Updated on June 25, 2020
By Leila Giles, Head Lice Technician
When I meet my clients, we start with a conversation. I explain how their day will unfold and they introduce me to their family’s situation. Everybody wants to tell me how long ago their lice transmission occurred. Folks always have a guess, but few know for sure. Did it happen at summer camp? School? Dance class? They received no email from the dance instructor, no cautionary text from the mom next door. When did their child get head lice and from whom?
People hesitate to share news of a lice infestation. So, the lice are passed along mysteriously, their origins unannounced, and their unwanted arrival unexpected. Stereotypes, assumptions, and a general sense of embarrassment keep mouths shut. But there’s no good reason why this stigma should exist.
Lice Don’t Make You Dirty
One of the strongest associations for lice is that of dirtiness. Some people assume that only “dirty people” end up with a lice problem. If their own children pick up lice, they wonder what they’ve done wrong to create a lice-friendly environment. After all, they wash their hair frequently, take daily baths or showers, how could did their clean child have gotten head lice? LiceDoctors - No One Wants Lice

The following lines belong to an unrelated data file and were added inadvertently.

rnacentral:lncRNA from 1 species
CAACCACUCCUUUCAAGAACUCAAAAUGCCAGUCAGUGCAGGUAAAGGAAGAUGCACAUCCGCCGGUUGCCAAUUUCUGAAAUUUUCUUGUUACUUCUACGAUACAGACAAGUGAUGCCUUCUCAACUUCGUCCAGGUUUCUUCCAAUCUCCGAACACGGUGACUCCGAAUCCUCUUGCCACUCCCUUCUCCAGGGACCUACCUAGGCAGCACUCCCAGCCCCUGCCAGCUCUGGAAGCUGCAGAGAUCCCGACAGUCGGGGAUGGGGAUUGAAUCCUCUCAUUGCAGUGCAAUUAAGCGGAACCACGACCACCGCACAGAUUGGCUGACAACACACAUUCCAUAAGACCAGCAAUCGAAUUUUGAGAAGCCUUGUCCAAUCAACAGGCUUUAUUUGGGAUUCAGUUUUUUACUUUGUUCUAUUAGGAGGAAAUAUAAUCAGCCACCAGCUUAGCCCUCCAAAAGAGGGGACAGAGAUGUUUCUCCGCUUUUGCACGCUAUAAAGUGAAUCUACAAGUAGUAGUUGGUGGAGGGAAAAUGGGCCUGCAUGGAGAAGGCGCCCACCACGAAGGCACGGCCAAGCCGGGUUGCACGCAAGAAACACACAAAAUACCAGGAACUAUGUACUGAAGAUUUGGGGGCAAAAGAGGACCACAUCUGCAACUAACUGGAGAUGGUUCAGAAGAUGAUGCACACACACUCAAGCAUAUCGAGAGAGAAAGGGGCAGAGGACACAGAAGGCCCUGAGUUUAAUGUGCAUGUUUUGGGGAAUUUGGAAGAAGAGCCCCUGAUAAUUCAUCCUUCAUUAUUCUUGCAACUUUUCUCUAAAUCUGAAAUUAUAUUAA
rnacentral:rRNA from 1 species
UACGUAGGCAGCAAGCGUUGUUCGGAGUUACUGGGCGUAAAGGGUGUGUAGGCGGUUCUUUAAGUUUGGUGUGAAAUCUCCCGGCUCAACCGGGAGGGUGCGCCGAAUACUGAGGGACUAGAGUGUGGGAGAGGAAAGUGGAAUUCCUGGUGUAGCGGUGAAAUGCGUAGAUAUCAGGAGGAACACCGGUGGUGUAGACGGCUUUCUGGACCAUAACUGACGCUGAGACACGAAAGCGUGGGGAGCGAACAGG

This “lice = dirty” line is a myth! Lice are transmitted by head-to-head contact, and anyone with hair is vulnerable. In fact, it’s easiest for lice to grip clean strands. If the hair is greasy ie dirty, then the lice may slide off and not make it to the scalp. Lice only live on the head as they get their food supply (blood) there. These insects have no use for the rest of your body or for your house. Whether or not you vacuumed doesn’t matter to them. You will likely not find lice on the rugs, cushions, or couch. You will likely not find them on your child’s shirt, backpack, or jacket. Where you will find them is in your child’s hair and each louse will live there for a month and females will lay many eggs during their short lifespan.
Lice Aren’t Too Different from a Head Cold
Tuesday morning at the bus stop, your neighbor starts up a conversation. She noticed that your daughter wasn’t here yesterday. Is everything alright? You say yes, thanks for asking, we just caught a cold over the weekend. Everybody is feeling better today. So why should this script run any differently if your child brought lice home instead of a virus?